2. Scenario 2: ‘multiple refuges with secondary contact’ would be supported by divergence between the descendants of putative refuge populations, with estimates of time of divergence consistent with impact of the re-flooding of the Gulf, and maximal genetic diversity where the genes from the different refuges are admixed, unless population size reduction and genetic drift cause loss of variation at the contact zones.
  3. Scenario 3: ‘multiple refuges without admixture’ also predicts divergence between the refuges, like Scenario 2, but does not predict higher diversity in between, given no admixture. As small numbers of wombats spread out into the colonised areas, many genotypes may have survived, but rare alleles may have been lost during successive drift events.
  4. Scenario 4: ‘recolonisation from one side of Spencer Gulf’ would be supported by a lack of strong genetic division, and by genetic diversity gradually reducing with increasing distance from the refugium, or homogeneity or isolation-by-distance if gene flow has been sufficient. In this case, genetic subdivision should be unrelated to putative phylogeographic barriers and times of high aridity when the gulf was dry.

We investigated the effects of environmental influences since the late Pleistocene on SHN wombat population structure, and attempted to uncover the population genetic patterns that existed prior to land-use by European settlers and the relationships among extant populations. We applied microsatellite and mitochondrial DNA data, collected from sites across the entire current range of the SHN wombat, to estimate genetic differentiation and gene flow at different time scales. We provide genetically based recommendations for conservation management of the SHN wombat, building upon previous preliminary studies of the genetics of this species [3234] and the broader literature [23]. This paper also highlights the use, at very broad geographical scales, of non-invasive genetic data collection techniques for rare or elusive species: data for this paper were obtained mostly from hairs captured on adhesive tape at burrow entrances [3438].

Materials and Methods

Sampling and DNA extraction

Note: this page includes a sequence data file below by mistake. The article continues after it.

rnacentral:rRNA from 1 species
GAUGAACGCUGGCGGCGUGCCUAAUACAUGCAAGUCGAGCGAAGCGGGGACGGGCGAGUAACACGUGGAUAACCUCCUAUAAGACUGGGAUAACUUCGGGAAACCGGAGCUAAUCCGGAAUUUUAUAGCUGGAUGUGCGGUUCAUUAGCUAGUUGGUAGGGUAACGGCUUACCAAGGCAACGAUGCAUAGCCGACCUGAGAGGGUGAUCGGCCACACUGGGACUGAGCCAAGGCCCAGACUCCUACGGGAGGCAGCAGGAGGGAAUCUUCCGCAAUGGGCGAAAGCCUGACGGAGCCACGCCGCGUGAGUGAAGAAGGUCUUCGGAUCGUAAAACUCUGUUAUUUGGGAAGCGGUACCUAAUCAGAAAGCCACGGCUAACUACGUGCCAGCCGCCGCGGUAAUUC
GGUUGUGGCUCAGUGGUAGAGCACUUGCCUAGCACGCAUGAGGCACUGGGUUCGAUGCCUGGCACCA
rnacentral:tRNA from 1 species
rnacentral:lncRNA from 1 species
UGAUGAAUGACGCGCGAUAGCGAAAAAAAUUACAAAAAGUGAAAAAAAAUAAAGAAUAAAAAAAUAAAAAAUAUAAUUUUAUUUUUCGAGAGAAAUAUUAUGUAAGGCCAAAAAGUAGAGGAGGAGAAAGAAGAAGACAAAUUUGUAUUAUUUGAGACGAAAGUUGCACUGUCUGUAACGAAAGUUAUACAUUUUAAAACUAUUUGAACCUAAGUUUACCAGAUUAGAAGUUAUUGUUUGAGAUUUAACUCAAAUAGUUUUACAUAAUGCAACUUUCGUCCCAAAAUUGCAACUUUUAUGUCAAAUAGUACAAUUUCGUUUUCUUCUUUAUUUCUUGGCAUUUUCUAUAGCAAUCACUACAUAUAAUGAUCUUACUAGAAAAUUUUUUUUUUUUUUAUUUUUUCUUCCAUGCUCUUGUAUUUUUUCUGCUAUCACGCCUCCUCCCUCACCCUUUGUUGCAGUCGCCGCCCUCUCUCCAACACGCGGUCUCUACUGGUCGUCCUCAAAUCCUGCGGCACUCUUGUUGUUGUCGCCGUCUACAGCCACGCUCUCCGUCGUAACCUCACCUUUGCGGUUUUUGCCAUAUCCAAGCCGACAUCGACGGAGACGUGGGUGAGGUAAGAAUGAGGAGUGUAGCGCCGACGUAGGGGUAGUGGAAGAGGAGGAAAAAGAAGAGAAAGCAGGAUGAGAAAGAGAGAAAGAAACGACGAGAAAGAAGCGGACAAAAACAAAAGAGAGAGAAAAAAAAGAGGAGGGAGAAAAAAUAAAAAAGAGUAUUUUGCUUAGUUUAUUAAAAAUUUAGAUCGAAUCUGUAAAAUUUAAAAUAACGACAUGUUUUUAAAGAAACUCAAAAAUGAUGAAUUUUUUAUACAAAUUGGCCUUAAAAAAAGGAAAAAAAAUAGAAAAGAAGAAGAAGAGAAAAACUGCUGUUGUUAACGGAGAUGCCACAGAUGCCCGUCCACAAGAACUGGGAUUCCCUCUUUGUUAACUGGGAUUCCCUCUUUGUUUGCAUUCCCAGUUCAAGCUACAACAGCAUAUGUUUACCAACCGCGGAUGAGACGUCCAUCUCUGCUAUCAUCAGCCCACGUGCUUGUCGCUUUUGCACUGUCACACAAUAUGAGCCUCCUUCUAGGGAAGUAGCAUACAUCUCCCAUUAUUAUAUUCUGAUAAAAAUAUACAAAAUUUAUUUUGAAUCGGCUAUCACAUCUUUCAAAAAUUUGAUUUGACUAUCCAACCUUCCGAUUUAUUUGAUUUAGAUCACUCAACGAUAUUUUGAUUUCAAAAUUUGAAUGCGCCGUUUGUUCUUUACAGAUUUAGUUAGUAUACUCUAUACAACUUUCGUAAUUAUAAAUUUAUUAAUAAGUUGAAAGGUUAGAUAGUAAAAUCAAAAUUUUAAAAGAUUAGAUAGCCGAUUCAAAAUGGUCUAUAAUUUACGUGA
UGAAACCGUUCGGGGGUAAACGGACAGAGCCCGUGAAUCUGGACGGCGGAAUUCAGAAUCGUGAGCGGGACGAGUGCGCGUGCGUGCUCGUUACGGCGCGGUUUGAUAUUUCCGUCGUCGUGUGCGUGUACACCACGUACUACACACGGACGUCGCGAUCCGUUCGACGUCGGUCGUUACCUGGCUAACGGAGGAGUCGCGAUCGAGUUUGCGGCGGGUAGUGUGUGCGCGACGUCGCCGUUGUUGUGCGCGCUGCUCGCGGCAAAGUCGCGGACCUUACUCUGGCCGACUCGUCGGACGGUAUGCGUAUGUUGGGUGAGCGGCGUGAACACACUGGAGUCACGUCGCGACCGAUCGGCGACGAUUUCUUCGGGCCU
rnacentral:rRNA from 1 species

This study’s protocol was approved by the Committee on the Ethics of Animal Experiments of the University of New South Wales (Permit Numbers: 93/65 and 94–26). The NSW National Parks and Wildlife Service approved the holding of samples from South Australia in NSW (Permit Numbers: A941 and B1025). All efforts were made to minimize impacts on animals, and so DNA was extracted mainly from hair samples collected on sticky tape from wombats as they entered or left their burrows [34, 3638]. Blood samples were taken from the cephalic vein of anaesthetised animals. No animals were killed specifically for this study, but tissue samples were obtained opportunistically from road-kill animals or animals killed by farmers under SA Department of Environment and Natural Resources destruction permits (Permit Numbers: S11017 and A02340). Destruction permits require that wombats are killed only by a clear brain shot from a high-powered rifle (minimum calibre .243; 6.2 mm) [39]. Wombats were sampled at 24 sites in five geographic regions (Nullarbor Plain and FWC; Gawler Ranges—the area around Rose Swamp, Lake Harris, Hiltaba, and Scrubby Peak; Eyre Peninsula; Yorke Peninsula; and the Murraylands; Table 1, Fig 1), representing all major and >90% of minor known populations of the entire species [34]. The SA Department of Environment and Natural Resources gave permission for locations in national parks. For locations on private land, the owner of the land gave permission to conduct the study on that site (names of owners are listed in [19] and [40]; available from the authors on request). Samples and data were collected during two separate time periods, 1994–1996 (set A) and 2000–2002 (set B), with the intervening time being unlikely to be genetically relevant given the longevity of the species (>15 years in the wild [10]). There were no differences in allele frequencies between sets A and B at any of their three shared sites (averaging over 4 common loci, Brookfield: A = 5.25, B = 7.00, P = 0.250; Kulpara: A = 6.00, B = 6.00, P = 1.000; Wauraltee: A = 8.00, B = 6.75; P = 0.500; Wilcoxon signed-ranks tests). Set B DNA was extracted via same-day 5% Chelex extractions performed in the field (S1 Text) [41]. Set A included DNA from hair but also from blood and tissue, all extracted using phenol/isoamyl alcohol+chloroform extraction protocols (S1) [42, 43]. Blood samples were taken into tubes containing EDTA, and frozen immediately in liquid nitrogen. Tissue samples were frozen immediately in liquid nitrogen in the field then kept at −80°C, or held at room temperature in absolute ethanol (AnalaR) or dimethyl sulphoxide storage buffer [44].